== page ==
The 1985 Harris and Rosenthal research project conveyed what really improves student learning based on the interaction with the teacher. The top two factors that teachers used to increase learning were (1) The duration of the interaction with the student and (2) The encouragement of the student. In 3rd and 4th place were gestures and smiles, and since we talk a lot about body language, will defer those for now.
So, let’s talk about the top two and how they relate to customer service. Oftentimes, you are in the role of being a teacher to the customer – particularly in this COVID-19 world where we’re having to do things differently, where customers are having to do things differently, or customers are often having to do things for themselves. If we want them to retain what we teach, we need to shift some of the past paradigms in the customer service world.
Longer Conversations – First, a short customer conversation may be good for a call center’s handle times, but it’s bad for a customer’s learning. Increasing our patience, planning for more time with customer encounters, and ensuring customer understanding of processes, activities, and expectations – these actions have the greatest effect on how well the customer learns what we’re teaching them.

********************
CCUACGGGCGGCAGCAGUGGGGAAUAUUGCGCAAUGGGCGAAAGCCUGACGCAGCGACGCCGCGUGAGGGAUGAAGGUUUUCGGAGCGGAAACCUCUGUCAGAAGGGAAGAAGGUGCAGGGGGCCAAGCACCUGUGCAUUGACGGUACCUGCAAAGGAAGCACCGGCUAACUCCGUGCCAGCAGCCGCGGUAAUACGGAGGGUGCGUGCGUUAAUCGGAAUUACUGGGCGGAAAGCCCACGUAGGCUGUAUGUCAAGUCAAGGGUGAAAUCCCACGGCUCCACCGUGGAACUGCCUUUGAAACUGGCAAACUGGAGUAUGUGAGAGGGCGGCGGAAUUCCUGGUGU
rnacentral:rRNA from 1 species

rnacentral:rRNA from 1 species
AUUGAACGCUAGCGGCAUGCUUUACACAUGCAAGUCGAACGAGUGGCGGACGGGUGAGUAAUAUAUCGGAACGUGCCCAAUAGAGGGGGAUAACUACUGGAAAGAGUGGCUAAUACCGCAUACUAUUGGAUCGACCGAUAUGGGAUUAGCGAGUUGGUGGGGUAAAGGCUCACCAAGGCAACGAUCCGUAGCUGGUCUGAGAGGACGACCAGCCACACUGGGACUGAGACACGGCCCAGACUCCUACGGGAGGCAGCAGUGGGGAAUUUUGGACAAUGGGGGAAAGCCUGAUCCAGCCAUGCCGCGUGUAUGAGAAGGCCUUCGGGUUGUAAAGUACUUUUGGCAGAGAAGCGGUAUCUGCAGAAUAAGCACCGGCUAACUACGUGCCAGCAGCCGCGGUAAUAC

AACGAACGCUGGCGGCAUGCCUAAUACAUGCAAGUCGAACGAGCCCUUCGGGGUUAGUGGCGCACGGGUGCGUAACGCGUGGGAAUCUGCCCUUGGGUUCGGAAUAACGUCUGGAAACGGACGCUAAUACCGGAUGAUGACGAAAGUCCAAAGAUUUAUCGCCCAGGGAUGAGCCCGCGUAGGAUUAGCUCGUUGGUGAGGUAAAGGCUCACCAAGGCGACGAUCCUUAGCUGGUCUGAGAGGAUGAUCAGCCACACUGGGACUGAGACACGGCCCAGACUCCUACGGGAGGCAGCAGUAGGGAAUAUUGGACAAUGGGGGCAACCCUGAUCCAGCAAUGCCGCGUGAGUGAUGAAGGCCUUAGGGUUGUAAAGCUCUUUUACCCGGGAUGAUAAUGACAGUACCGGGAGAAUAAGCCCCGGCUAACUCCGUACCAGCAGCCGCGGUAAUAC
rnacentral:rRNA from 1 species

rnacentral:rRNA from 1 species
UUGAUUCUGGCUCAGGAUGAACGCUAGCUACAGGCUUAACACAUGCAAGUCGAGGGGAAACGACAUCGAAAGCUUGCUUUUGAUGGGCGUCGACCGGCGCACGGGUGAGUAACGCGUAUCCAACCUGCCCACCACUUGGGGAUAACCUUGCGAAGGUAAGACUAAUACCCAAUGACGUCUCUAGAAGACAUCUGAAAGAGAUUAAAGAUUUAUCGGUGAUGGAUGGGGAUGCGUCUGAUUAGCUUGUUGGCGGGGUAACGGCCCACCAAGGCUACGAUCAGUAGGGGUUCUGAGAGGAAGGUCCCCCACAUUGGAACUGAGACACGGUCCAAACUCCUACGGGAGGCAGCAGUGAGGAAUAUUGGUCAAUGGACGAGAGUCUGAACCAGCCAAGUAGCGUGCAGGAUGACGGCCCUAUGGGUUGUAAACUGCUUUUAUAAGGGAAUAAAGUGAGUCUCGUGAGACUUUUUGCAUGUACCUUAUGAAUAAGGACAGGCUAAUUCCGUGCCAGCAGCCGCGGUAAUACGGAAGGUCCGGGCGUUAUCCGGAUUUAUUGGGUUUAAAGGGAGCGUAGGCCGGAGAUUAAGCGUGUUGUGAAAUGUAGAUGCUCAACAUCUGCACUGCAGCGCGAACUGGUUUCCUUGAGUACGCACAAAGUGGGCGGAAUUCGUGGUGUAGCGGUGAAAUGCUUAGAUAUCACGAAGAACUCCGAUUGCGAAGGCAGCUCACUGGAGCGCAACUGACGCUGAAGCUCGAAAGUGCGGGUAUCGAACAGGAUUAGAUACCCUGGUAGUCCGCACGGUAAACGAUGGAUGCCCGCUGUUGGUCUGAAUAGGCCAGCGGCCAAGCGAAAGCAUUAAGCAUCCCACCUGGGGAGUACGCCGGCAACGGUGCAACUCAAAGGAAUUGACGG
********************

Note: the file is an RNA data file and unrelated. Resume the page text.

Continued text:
Encouragement – Second, it’s not just a matter of conveying the right information and allocating the time to it. It’s also a matter of encouraging the customer. I know we don’t often think of ourselves as the coach to the player as employees to the customer, but when we are helping them to help themselves and expecting them to do things differently, we need to encourage them just like coaches encourage players. We need to give them positive feedback just like teachers should with students or – for that matter – we should with each other.
When you find yourself in the role of educating others, allow for longer interactions with customers, and ensure the content is complemented by your encouragement of the customer.
Be a great teacher to your customers.